Style names have different roots: for example, sometimes the style name refers to a historical character, sometimes it refers to a city or part of the world, and other times the style name is the result of a change in the feature of a shoe that identifies that particular silhouette.
Often we name a shoe according to a manufacturing construction or even a detail in the design. The evolution of fashion creates new terms and names that become part of our heritage.
This online course teaches a “common language” that is intended for all footwear professionals, from designers and technicians to merchandisers and sales teams, as it teaches industry terms that are applicable to every segment of the footwear market.
Not only does it benefit the footwear professional, but it also benefits the customer who is ultimately better informed.
Today sales people working at every level and in every segment of the market need to be more and more skilled and prepared to interact with their customers. Being able to explain in depth a shoe construction or the quality details of a shoe is of utmost importance as it offers the customer a value added proposition that goes beyond brand or price.
We encourage all footwear professionals to take this course in order to identify and understand the details and quality of a shoe.
There will be a quiz after each lesson and a Certificate of Completion when you successfully complete this course.
In this first lesson we will to focus on the kind of shoes called "Pumps" and "Straps". The main feature of the pump is that the upper covers only the front part of the foot, right above the toes. The pump is surely one of the most difficult ones to design, and also to manufacture because of the way it needs to fit the foot. Further styles will be covered such as "Peep Toe" - both regular and asymmetrical, basically a pump with an open toe; "Ballerinas", a shoe that is traditionally inspired by the shoes used by dancers for ballet dance - hence the name; "T-Bar", "D'Orsay" and "Sling Back" (also referred to as "Chanel").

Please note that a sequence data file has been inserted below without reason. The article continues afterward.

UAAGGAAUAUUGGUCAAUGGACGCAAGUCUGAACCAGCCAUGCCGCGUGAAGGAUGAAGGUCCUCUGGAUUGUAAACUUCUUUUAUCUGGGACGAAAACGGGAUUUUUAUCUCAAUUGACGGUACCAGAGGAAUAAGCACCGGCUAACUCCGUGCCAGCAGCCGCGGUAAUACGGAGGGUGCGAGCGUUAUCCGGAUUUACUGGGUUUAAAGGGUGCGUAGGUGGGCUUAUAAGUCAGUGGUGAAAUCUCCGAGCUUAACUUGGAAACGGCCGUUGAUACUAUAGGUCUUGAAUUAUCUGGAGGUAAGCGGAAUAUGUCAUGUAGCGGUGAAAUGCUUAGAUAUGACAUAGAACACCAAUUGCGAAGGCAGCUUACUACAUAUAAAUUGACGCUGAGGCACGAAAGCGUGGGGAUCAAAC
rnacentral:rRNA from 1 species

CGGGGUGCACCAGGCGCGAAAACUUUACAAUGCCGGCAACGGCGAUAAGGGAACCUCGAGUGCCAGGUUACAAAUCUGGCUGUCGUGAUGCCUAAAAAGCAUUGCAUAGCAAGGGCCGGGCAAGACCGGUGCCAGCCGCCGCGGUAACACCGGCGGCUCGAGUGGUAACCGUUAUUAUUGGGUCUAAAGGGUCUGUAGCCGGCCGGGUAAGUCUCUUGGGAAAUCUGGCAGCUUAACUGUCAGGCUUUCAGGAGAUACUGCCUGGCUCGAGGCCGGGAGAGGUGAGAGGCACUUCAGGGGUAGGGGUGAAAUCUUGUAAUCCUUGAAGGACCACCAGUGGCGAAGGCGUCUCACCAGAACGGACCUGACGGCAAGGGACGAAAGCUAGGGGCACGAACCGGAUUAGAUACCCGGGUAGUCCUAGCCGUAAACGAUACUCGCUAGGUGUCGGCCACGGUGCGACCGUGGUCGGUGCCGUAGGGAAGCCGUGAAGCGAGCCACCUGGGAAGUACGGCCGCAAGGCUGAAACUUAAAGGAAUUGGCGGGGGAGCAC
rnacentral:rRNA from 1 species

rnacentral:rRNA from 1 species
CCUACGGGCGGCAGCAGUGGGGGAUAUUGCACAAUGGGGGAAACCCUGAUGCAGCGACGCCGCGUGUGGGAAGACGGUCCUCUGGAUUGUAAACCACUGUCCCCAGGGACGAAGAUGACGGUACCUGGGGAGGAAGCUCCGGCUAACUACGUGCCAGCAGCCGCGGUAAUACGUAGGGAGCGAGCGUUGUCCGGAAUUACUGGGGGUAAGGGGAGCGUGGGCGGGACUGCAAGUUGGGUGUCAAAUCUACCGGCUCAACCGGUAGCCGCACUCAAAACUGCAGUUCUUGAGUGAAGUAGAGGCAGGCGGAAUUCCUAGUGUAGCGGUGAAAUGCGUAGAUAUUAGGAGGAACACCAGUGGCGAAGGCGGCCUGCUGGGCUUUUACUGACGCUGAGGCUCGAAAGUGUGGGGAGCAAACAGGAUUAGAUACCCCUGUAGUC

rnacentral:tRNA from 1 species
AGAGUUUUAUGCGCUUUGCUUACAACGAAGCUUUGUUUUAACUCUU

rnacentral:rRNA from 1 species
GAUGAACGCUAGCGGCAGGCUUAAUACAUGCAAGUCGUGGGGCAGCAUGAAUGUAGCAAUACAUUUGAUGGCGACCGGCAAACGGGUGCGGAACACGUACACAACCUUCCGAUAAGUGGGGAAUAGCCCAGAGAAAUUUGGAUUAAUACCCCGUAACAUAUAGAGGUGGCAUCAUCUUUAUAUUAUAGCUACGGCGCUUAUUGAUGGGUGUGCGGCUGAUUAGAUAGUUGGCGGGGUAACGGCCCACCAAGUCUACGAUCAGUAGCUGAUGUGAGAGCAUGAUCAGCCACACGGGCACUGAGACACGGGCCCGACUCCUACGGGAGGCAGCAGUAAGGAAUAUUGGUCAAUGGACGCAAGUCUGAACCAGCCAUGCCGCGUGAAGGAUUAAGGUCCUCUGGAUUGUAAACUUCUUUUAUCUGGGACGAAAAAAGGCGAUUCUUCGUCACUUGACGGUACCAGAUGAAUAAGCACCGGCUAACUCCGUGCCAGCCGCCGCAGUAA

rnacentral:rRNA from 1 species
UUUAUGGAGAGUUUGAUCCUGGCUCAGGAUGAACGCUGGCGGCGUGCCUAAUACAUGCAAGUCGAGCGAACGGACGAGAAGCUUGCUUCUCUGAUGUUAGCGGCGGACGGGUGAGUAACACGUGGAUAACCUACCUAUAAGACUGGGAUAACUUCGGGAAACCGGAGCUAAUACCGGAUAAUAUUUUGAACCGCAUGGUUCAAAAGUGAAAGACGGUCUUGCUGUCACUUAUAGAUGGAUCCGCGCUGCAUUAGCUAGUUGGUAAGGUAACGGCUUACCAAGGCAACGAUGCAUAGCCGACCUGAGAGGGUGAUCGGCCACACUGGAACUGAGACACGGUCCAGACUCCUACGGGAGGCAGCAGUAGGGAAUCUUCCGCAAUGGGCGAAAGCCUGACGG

In this lesson we explain as simply as possible the characteristics of laced shoes. They are designed for men, women and children and are very versatile. They can be made with many different types of materials and most people wear at least one model of laced shoe, simply because they are comfortable and easy to wear. In particular we will discuss the models called "Derby" and "Oxford". The top line is the most important line and is designed according to specific parameters and measurements, which obviously require functional proportions, but at the same time must be created in order to be aesthetically pleasing as well.
This lesson is all about "Loafers" and "Moccasins". The loafer is made up of at least three components. The loafer is a type of shoe that can be slipped on and off without having to open or close the quarters, therefore without the need for lacing or unlacing. The fit and wearability of this shoe are not only ensured by the dimensions coming from the various individual parts of the upper, but also from the internal volume created by the construction of the last. The moccasin in general is the only type of footwear where the upper wraps the foot from below and therefore the vamp is sewn with another component, called an apron.